Marlon James Creates “a Vast Playground of Myth, History and Legend”
“Gripping, action-packed … The literary equivalent of a Marvel Comics universe — filled with dizzying, magpie references to old movies and recent TV, ancient myths and classic comic books, and fused into something new and startling by his gifts for language and sheer inventiveness.” That is how book reviewer Michiko Kakutani describes Marlon James’ BLACK LEOPARD, RED WOLF, published on February 5 by Riverhead, in The New York Times Book Review.
This week’s Igloo Book Buzz selection BLACK LEOPARD, RED WOLF is both surprising and profound as it explores the fundamentals of truth, the limits of power, and our need to understand them both. In terms of his inspiration for the book, James said he wanted to build “a vast playground of myth and history and legend that other people can draw from, a pool that’s as rich as Viking or Celtic lore.”
Riverhead Executive Editor Jake Morrissey: “What’s fascinating is that Marlon James has a true gift for surprise: Wherever you thought you knew where he was going, Marlon would up-end your expectations and take you and his characters on new adventures that constantly reimagined the story. It was as much a wild ride for his editor as it is for his readers.”
The first novel of James’s Dark Star trilogy, BLACK LEOPARD, RED WOLF explores what happens when a mercenary is hired to find a missing child. Tracker is known far and wide for his skills as a hunter: “He has a nose,” people say. Engaged to track down a mysterious boy who disappeared three years earlier, Tracker breaks his own rule of always working alone when he finds himself part of a group that comes together to search for the boy. The band is a hodgepodge, full of unusual characters with secrets of their own, including a shape-shifting man-animal known as Leopard.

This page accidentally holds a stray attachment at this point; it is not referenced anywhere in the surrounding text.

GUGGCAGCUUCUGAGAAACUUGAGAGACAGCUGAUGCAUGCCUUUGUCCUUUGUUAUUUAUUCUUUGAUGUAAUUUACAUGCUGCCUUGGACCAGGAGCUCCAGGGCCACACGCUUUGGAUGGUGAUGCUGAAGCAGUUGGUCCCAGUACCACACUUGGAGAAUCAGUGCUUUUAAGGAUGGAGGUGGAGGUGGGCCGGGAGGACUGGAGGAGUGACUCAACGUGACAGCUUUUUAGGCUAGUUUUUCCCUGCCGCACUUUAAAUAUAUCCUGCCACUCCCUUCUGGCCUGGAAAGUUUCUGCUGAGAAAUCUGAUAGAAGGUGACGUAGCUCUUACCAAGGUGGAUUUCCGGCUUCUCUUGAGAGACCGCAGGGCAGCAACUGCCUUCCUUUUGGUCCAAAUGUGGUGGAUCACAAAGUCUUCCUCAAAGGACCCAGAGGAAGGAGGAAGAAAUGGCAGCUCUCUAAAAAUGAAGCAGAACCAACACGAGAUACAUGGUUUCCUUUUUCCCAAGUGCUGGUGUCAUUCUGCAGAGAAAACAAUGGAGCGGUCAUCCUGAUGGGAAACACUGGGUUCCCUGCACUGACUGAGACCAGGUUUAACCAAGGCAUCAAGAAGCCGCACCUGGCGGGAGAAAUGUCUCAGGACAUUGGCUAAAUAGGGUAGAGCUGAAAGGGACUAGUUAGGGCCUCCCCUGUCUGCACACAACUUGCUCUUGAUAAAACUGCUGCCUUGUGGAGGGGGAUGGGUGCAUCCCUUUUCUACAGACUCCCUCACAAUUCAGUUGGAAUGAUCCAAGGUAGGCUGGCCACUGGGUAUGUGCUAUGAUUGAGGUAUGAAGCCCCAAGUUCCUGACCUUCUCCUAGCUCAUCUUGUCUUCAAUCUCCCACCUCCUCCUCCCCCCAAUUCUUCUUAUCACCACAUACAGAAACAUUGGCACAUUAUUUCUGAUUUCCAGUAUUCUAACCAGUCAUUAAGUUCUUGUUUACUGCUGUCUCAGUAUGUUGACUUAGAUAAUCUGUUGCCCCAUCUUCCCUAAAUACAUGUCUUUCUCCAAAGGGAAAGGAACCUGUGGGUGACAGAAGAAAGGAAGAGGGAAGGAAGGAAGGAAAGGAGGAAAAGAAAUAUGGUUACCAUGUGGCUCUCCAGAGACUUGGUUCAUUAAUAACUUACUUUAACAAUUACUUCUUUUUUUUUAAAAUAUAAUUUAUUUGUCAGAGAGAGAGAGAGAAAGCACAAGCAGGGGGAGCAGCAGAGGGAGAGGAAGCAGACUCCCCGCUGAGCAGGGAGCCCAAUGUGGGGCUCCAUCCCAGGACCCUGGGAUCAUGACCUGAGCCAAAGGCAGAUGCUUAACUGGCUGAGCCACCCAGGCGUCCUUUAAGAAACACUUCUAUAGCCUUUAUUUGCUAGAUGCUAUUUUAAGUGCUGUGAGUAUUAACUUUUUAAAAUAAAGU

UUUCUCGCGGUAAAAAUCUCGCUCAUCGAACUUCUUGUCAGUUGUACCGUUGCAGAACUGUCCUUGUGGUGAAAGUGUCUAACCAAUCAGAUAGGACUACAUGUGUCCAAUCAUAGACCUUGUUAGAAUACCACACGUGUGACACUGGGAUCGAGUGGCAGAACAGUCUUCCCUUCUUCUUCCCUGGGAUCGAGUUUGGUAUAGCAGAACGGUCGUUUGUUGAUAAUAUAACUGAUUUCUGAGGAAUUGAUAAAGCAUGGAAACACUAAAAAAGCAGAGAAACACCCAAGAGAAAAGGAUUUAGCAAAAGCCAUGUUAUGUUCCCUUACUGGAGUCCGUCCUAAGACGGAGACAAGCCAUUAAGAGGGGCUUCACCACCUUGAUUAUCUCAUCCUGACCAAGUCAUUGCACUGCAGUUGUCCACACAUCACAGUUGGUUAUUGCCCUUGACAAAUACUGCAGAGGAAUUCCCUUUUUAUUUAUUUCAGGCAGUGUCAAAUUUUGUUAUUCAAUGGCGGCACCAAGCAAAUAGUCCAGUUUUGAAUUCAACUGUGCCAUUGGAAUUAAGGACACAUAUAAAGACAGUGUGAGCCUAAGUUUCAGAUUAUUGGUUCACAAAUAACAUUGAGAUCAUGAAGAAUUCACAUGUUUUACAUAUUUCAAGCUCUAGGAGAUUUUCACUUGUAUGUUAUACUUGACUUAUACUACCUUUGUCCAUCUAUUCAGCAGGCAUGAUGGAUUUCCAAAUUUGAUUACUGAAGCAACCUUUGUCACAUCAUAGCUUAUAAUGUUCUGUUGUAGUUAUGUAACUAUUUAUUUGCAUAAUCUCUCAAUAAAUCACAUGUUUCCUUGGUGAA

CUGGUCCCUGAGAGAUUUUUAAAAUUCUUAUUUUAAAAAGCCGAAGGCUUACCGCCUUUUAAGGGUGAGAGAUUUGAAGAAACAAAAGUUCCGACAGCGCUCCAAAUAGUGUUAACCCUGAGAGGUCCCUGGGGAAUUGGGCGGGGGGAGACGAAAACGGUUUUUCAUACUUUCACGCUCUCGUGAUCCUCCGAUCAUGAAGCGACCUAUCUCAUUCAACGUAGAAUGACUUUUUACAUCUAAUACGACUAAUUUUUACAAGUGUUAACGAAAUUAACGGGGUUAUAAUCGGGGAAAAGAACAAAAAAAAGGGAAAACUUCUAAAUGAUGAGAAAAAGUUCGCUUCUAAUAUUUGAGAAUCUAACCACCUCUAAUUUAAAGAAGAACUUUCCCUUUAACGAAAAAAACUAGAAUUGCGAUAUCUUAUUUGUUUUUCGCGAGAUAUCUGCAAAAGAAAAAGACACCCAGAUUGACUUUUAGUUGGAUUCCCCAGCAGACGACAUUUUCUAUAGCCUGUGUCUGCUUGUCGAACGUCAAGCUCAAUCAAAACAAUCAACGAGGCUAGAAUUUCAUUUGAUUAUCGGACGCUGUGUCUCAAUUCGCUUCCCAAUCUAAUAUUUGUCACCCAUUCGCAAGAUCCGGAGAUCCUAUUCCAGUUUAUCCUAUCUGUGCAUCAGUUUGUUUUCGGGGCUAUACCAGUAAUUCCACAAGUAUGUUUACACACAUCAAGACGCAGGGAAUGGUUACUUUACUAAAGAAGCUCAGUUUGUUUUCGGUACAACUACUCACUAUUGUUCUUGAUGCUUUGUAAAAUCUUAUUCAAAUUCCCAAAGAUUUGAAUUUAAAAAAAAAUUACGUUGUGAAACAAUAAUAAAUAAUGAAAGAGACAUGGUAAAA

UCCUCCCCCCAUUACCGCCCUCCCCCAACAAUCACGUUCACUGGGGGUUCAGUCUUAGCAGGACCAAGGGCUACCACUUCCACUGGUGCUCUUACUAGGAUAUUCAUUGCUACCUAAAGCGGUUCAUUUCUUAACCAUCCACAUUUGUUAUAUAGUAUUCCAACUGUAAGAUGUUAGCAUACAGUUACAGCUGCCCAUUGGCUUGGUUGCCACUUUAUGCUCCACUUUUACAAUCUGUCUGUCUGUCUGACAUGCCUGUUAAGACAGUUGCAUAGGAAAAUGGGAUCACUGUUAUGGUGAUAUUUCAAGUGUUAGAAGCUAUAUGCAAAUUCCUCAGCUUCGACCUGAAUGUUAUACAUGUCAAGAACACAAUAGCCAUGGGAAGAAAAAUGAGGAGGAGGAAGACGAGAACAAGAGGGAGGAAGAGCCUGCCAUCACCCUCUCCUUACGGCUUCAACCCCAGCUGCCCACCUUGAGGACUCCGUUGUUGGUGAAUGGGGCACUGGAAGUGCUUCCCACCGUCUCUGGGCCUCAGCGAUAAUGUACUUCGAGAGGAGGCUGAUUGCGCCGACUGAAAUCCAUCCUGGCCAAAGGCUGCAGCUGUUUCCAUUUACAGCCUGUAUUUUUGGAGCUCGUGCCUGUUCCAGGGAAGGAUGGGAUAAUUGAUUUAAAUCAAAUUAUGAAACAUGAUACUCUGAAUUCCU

As Tracker follows the boy’s scent–from one ancient city to another; into dense forests and across deep rivers–he and the band are set upon by creatures intent on destroying them. As he struggles to survive, Tracker starts to wonder: Who, really, is this boy? Why has he been missing for so long? Why do so many people want to keep Tracker from finding him? And perhaps the most important questions of all: Who is telling the truth, and who is lying?
Marlon James was born in Jamaica in 1970. His novel, A BRIEF HISTORY OF SEVEN KILLINGS, won the 2015 Man Booker Prize. It was also a finalist for the National Book Critics Circle Award and won the OCM Bocas Prize for Caribbean Literature for fiction, the Anisfield-Wolf Book Award for fiction, and the Minnesota Book Award. It was also a New York Times Notable Book. James is also the author of THE BOOK OF NIGHT WOMEN, which won the 2010 Dayton Literary Peace Prize and the Minnesota Book Award, and was a finalist for the 2010 National Book Critics Circle Award in fiction and an NAACP Image Award.